Before there were text messages, pictures and videos, people communicated by way of the human voice. It should come as no surprise that websites and apps are now making it possible for people’s voices to be heard once again.
One of these apps is Dubbler, which launched its beta version on the Android and iPhone last December. This app provides users with an easy way to record as much as 60 seconds of their voices and share them via Twitter and Facebook, reported Mashable.
“I saw a lot of people texting and posting photos on social media, but no one really communicating with their voice,” said Matthew Murphy, Founder of San Francisco-based Appsurdity, the startup that created Dubbler.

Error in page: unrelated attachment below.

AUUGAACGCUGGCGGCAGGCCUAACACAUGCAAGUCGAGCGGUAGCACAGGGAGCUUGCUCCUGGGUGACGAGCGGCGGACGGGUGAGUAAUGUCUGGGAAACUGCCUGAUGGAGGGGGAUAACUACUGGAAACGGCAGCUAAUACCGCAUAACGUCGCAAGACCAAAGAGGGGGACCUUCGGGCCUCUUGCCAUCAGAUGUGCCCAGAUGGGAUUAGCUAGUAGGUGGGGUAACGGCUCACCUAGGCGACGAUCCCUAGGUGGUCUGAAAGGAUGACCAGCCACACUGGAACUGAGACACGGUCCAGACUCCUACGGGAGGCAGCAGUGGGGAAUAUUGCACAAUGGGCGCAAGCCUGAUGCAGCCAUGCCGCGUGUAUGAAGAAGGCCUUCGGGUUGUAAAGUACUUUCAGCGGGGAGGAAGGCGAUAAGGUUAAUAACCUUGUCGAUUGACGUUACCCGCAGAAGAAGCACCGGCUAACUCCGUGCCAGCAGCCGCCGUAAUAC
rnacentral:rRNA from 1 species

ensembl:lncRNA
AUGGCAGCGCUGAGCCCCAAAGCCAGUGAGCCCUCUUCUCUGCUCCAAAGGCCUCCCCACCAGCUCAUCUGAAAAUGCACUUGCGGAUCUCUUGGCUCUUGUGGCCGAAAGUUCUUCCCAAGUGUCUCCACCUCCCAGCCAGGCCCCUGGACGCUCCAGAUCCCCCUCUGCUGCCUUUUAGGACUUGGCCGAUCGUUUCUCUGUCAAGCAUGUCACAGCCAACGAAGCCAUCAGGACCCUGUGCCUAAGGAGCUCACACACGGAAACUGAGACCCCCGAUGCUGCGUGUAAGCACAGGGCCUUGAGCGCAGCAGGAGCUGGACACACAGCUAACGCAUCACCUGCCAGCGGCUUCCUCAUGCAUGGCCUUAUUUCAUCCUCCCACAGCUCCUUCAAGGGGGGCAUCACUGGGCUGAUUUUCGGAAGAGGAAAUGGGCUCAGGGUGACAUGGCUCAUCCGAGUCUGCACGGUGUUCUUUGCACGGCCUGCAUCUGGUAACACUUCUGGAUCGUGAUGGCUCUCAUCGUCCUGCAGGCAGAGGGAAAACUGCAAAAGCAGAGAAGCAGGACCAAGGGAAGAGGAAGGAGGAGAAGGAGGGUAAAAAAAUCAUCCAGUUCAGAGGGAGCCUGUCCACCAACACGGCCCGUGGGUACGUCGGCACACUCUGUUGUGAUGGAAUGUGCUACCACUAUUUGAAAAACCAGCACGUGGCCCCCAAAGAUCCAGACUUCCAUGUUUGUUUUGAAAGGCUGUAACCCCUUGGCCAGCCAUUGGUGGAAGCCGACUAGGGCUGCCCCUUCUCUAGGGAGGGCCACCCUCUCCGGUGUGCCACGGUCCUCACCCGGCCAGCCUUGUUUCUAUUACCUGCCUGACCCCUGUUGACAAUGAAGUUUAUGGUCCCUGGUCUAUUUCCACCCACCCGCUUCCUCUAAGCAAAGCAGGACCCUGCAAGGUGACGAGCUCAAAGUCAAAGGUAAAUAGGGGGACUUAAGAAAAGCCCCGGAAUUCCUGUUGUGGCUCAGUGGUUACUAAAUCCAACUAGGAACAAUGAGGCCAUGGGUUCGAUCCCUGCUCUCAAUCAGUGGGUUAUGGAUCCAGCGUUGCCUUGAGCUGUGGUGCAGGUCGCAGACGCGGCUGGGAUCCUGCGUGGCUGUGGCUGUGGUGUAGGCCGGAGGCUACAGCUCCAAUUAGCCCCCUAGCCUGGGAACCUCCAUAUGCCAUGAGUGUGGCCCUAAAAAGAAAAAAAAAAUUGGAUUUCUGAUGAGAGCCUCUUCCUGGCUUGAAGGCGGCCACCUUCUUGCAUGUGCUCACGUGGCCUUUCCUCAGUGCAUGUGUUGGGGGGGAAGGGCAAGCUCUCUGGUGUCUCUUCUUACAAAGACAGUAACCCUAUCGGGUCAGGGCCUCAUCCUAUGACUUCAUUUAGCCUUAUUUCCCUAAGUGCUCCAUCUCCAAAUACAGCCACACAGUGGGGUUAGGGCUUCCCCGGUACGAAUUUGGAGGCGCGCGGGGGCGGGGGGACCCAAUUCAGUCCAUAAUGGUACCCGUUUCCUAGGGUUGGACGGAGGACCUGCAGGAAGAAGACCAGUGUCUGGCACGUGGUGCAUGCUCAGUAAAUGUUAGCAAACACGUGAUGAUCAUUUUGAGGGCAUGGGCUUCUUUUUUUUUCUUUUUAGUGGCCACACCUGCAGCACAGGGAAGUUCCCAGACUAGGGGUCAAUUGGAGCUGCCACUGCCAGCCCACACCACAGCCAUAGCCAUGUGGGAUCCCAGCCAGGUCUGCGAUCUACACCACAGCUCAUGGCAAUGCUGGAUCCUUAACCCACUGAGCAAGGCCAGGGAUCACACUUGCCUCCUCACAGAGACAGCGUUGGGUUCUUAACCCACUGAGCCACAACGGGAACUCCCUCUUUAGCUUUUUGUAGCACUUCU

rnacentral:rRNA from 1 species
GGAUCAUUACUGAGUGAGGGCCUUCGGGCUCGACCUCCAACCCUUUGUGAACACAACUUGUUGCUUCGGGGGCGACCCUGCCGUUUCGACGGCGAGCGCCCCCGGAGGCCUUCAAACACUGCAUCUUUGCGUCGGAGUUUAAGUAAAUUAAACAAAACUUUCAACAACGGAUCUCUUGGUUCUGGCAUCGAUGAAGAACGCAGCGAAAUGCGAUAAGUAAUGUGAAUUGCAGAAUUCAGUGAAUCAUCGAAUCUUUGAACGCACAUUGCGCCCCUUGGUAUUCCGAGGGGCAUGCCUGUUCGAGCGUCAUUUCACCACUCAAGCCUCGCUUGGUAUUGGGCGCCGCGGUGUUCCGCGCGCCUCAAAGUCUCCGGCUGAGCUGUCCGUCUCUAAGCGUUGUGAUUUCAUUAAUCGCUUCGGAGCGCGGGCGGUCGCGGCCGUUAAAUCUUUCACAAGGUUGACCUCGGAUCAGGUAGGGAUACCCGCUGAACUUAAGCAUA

“The whole idea is you don’t text your personality, you voice it. We wanted to give people a platform to share their voice and be heard.”
To date, over 200,000 users have downloaded Dubbler. During the first day it came out of beta last weekend, it was downloaded more than 55,000 times.
The figures are impressive given that this startup didn’t conduct any marketing or advertising. Instead, it relied on mere word of mouth and endorsements from social media influencers such as hip hop artists Wiz Khalifa and Common.
Meanwhile, its rival Eevzdrop will soon demonstrate its upcoming iPhone voice app at the 2013 South by Southwest (SXSW), a convergence of independent films, original music and emerging tech, which will be held in Austin, Texas from 8-17 March.